Wednesday, November 9, 2011

Battersea Power Station and Serpentine Gallery Revisited

There are business trips and vacations that we all take that we remember for the rest of our lives. My trip to London in 2006 for the Frieze Art Fair was one of those times.  And a visit to the Battersea Power Station was the icing on the cake. I love art fairs themselves, but it is many of the side events that have stuck in my head.  And I will cherish these memories forever. This art deco monolith has gained an iconic reputation over the years appearing in the Beatles movie Help!, on Pink Floyd's album cover for Animals, and in countless tourist photos shot from the trains connecting Gatwick Airport and Victoria Station.  The building is now in very bad condition and is not open to the public.  I remember that the (private tour company) bus driver that shuttled us to the Power Station was in just as much awe as those of us on the tour.

We took the tube to Knightsbridge and walked the remainder of the way into Kensington Gardens to arrive at the Serpentine Gallery in time for the breakfast and begin the schedule shown above.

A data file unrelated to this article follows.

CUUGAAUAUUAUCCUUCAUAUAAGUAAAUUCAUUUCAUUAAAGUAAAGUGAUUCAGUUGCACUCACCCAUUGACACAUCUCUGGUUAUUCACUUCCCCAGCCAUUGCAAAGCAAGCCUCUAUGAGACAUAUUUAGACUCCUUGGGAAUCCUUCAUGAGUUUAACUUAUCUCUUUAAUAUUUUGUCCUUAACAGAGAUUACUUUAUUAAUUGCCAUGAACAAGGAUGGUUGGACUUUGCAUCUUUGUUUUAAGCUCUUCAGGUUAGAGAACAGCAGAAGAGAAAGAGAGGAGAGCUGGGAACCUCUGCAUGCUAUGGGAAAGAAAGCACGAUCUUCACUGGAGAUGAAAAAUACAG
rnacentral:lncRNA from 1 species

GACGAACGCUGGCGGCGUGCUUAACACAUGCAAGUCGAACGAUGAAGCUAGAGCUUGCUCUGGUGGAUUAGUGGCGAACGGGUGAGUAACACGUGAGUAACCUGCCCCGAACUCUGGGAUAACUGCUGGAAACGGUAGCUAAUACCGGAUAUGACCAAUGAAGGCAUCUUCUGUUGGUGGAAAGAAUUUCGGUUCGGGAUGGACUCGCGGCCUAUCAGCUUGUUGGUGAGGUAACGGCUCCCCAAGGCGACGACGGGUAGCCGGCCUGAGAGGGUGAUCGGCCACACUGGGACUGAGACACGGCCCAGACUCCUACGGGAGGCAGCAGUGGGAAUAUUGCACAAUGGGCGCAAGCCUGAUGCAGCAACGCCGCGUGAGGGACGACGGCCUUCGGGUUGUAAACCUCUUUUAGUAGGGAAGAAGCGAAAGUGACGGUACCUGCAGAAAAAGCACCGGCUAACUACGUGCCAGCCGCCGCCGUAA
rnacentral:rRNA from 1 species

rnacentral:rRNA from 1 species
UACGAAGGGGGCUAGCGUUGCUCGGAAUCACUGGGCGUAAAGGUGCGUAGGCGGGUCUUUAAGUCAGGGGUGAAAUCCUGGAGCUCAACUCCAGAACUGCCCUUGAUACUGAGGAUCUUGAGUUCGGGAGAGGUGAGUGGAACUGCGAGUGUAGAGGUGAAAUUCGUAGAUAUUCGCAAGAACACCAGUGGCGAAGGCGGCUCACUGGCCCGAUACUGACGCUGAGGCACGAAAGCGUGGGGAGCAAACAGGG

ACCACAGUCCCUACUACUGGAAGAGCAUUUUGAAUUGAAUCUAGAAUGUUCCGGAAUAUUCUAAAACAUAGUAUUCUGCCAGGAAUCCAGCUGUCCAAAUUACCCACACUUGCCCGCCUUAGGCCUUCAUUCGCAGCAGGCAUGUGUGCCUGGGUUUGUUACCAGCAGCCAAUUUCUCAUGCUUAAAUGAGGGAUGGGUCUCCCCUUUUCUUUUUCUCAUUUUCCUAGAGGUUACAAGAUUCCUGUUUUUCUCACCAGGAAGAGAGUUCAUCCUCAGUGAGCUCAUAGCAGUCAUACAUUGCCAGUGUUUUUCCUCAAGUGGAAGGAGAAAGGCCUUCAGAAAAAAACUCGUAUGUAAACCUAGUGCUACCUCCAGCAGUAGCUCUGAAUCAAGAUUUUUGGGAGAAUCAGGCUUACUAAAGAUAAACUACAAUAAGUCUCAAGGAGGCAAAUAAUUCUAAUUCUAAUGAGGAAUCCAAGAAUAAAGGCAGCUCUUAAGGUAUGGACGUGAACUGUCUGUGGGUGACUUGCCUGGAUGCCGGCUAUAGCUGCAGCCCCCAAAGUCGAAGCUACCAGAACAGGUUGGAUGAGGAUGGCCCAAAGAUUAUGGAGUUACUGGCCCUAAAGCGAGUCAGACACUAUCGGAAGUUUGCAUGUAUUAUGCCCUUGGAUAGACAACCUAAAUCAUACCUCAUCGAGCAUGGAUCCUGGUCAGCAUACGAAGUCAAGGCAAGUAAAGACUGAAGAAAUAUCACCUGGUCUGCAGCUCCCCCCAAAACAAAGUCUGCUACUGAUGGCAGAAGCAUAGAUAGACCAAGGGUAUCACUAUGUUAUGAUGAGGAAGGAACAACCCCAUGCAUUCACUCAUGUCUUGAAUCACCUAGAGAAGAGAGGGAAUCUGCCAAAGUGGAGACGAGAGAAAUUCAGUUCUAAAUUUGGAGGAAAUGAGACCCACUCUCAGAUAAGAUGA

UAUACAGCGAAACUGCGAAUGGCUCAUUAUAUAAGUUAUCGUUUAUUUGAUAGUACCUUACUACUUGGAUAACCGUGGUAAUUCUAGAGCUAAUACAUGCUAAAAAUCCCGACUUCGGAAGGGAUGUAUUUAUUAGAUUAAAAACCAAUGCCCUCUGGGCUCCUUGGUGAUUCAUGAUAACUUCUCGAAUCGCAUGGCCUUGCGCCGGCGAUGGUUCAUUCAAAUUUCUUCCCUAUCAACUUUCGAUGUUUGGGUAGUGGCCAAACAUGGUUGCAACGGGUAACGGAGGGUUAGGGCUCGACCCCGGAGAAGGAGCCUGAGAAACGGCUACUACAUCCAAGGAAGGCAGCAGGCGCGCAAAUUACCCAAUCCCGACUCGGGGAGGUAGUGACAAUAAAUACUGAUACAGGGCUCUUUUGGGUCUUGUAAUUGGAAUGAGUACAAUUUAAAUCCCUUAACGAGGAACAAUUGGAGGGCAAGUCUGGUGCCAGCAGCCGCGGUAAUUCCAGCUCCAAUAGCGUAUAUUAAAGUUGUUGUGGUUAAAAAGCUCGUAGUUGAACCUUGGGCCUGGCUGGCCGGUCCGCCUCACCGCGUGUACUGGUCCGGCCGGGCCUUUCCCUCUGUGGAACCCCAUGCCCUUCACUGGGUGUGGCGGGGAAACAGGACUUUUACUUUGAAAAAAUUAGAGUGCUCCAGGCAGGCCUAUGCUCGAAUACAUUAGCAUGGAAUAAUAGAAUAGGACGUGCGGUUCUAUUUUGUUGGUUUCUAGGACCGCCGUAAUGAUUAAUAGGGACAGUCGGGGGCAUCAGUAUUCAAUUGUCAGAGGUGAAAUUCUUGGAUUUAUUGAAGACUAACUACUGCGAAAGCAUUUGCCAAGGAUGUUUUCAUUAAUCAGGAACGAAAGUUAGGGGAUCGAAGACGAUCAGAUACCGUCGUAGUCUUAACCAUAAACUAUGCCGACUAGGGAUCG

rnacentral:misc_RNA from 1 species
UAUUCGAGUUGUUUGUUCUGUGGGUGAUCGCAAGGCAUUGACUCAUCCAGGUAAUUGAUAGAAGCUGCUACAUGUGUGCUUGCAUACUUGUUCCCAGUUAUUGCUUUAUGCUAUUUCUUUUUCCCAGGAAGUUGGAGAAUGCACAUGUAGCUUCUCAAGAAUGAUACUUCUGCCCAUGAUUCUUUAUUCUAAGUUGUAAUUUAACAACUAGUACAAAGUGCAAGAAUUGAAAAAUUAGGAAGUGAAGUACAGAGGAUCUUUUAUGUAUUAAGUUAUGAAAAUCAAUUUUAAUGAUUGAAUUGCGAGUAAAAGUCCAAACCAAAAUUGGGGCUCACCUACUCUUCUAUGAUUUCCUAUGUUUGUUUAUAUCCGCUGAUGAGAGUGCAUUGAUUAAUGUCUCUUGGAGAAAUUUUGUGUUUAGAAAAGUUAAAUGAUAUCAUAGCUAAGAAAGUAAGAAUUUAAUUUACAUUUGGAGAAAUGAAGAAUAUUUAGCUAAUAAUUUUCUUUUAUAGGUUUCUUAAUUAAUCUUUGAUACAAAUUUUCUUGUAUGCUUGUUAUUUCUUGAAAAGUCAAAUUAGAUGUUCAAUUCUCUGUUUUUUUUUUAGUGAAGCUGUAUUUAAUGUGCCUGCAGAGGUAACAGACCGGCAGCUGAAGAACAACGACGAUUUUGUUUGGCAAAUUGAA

That year, 2006, the Serpentine Gallery Pavilion had been designed by Rem Koolhaas and Cecil Balmond.  It was an inflated translucent structure that floated above the Serpentine's lawn.  It included a frieze designed by Thomas Demand.  We enjoyed some danish and fruit with tea and juice before we wandered into the gallery.

The exhibition up in the Serpentine Gallery was titled Uncertain States of America.  It featured more than 40 artists working in a wide range of media.  A short statement for the exhibition informed us
"The exhibition is not entirely American—influences come from everywhere... In a period where the official political culture of the United States is viewed with great scepticism on the other side of the Atlantic, it seems important to remind ourselves of this complexity. The Uncertain States of America are not only uncertain, they are many."